Tuesday, April 17, 2012

The Puritans Seek Liberty



            Queen Elizabeth I succeeded in reigning in the Puritan party and in keeping herself strongly positioned as the governor of the Church of England. But Elizabeth could not reign forever, and when King James I came to the throne in 1603, those of Puritan beliefs hoped for another opportunity for further reform. James was from Scotland, where reformed and presbyterian ideas were much further advanced than they were in England. Perhaps now the king would favor their cause.

The Millenary Petition

            In this hope some Puritan delegates met the new king on his way to from Scotland to London to present to him the Millenary Petition, so named because it was supposed to have been signed by one thousand clergymen. The substance of the petition is as follows.

Our humble suit, then, unto your majesty is that these offences following, some may be removed, some amended, some qualified:

(1) In the Church service: that the cross in baptism, interrogatories ministered to infants, confirmation, as superfluous, may be taken away; baptism not to be ministered by women, and so explained; the cap and surplice not urged; that examination may go before the communion; that it be ministered with a sermon; that divers terms of priests, and absolution, and some other used, with the ring in marriage, and other such like in the book, may be corrected; the longsomeness of service abridged, Church songs and music moderated to better edification; that the Lord's Day be not profaned; the rest upon holy days not so strictly urged; that there may be a uniformity of doctrine prescribed; no popish opinion to be any more taught or defended; no ministers charged to teach their people to bow at the name of Jesus; that the canonical Scriptures only be read in the Church.

(2) Concerning Church ministers: that none hereafter be admitted into the ministry but able and sufficient men, and those to preach diligently and especially upon the Lord's day; that such as be already entered and cannot preach, [Page 510] may either be removed, and some charitable course taken with them for their relief, or else be forced, according to the value of their livings, to maintain preachers; that non-residency be not permitted; that King Edward's statute for the lawfulness of ministers' marriages be revived; that ministers be not urged to subscribe, but according to the law, to the Articles of Religion, and the king's supremacy only.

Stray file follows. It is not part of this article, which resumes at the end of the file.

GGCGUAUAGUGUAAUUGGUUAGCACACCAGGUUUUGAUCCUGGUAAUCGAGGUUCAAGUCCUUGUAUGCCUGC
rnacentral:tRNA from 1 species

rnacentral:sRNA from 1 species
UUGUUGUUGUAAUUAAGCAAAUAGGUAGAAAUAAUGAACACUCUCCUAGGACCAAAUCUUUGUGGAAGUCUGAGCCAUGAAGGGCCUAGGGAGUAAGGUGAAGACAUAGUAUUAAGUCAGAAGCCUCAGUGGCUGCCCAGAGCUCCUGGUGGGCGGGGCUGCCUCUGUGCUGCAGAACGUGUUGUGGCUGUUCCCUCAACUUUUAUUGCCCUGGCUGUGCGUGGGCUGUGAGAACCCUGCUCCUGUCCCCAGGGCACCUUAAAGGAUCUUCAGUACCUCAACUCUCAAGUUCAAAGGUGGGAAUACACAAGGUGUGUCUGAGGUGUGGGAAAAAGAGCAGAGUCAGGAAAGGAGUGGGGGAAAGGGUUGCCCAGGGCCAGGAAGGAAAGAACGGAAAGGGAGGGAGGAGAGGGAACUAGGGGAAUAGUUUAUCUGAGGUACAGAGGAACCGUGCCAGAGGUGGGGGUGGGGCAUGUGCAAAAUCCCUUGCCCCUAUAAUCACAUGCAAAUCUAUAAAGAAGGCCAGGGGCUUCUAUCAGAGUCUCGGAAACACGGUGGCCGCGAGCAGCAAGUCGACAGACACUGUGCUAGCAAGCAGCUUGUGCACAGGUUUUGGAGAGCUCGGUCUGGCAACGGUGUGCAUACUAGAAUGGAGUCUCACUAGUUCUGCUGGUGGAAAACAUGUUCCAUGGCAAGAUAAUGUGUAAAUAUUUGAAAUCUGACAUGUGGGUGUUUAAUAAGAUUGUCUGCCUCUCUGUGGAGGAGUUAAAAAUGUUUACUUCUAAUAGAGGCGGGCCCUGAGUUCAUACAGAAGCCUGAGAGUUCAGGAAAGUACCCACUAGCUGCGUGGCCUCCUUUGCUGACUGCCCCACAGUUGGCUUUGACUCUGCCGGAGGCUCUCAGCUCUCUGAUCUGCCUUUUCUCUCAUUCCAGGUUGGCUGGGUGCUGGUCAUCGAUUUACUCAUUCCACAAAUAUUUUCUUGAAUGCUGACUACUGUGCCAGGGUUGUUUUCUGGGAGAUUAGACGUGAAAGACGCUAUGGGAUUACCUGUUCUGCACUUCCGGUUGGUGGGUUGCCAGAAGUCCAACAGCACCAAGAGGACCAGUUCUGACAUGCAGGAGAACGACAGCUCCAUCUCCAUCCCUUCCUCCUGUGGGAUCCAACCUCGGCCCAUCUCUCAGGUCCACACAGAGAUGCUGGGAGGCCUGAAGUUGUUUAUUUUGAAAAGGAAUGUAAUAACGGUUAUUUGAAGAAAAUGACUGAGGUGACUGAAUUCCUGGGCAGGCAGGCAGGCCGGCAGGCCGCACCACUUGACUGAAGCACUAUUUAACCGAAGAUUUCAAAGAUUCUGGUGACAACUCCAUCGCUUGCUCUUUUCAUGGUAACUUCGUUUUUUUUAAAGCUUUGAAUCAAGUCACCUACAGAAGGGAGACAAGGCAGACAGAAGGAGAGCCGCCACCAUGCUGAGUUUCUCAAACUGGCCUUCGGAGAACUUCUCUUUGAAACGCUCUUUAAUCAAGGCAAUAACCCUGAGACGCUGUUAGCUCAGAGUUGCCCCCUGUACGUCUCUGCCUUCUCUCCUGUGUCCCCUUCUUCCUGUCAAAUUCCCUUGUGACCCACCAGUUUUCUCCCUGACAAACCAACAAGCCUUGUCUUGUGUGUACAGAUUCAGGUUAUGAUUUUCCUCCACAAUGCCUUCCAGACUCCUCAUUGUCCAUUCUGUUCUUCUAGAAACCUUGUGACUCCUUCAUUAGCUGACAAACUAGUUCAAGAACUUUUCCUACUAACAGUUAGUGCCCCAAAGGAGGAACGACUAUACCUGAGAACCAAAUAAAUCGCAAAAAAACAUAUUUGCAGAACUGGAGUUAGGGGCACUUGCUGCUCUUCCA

(3) For Church livings and maintenance: that bishops leave their commendams, some holding parsonages, some prebends, some vicarages, with their bishoprics; that double-beneficed men be not suffered to hold some two, some three benefices with cure, and some two, three, or four dignities besides; that impropriations annexed to bishoprics and colleges be demised only to the preachers incumbents, for the old rent; that the impropriations of laymen's fees be charged, with a sixth or seventh part of their worth, to the maintenance of the preaching minister.

(4) For Church discipline: that the discipline and excommunication may be administered according to Christ's own institution, or, at the least, that enormities may be redressed, as namely, that excommunication come not forth under the name of lay persons, chancellors, officials, &c.; that men be not excommunicated for trifles and twelve-penny matters; that none be excommunicated without consent of his pastor; that the officers be not suffered to extort unreasonable fees; that none having jurisdiction or registers' places, put out the same to farm; that divers popish canons (as for restraint of marriage at certain times) be reversed; that the longsomeness of suits in ecclesiastical courts (which hang sometimes two, three, four, five, six, or seven years) may be restrained; that the oath Ex Officio, whereby men are forced to accuse themselves, be more sparingly used; that licences for marriages without banns asked, be more cautiously granted:

These, with such other abuses yet remaining and practised in the Church of England, we are able to show not to be agreeable to the Scriptures, if it shall please your highness further to hear us….[1]

James agreed to a conference, and the meeting at Hampton Court was arranged. However, James wasted no time in dashing the Puritan hopes. He bluntly rejected their proposals and decidedly upheld the status quo. His decisions, enforced by Archbishop Bancroft, resulted in about 300 ministers being forced from the ministry and, in some cases, from the country.
From this petition you can see that the Puritan concerns and agenda had not changed. J. I. Packer’s memorable characterization that the Puritans wanted to eliminate popery from church worship, prelacy from church government, and pagan irreligion from church membership was still true.

Parliament Rises to the Occasion

            However, important changes were taking place in the balance of power in England. James claimed a theory of the divine right of kings which was absolutist. He stated to the House of Lord in 1603, “I am the Husband, and all the whole Isle is my lawfull Wife; I am the Head, and it is my Body; I am the Shepherd, and it is my Flocke.” Yet when James summoned a new Parliament to raise supplies, they refused to grant him his requests unless certain changes were made. As the representatives of the people, Parliament began to claim that their privileges were not the prerogative of the crown. When James appeared before Parliament on May 30, 1604 to rebuke them, the Parliament refused to back down. With regard to religion, they expressly denied that the king had any right to alter the laws of religion without Parliamentary consent. Two great parties began a struggle which would eventually take England all the way to civil war – the king and the Anglicans striving for supremacy of the crown, the Parliament and the Puritans fighting for a constitutional government. Unfortunately, James refused to change course and began to resort to unconstitutional means of raising money to finance his wars.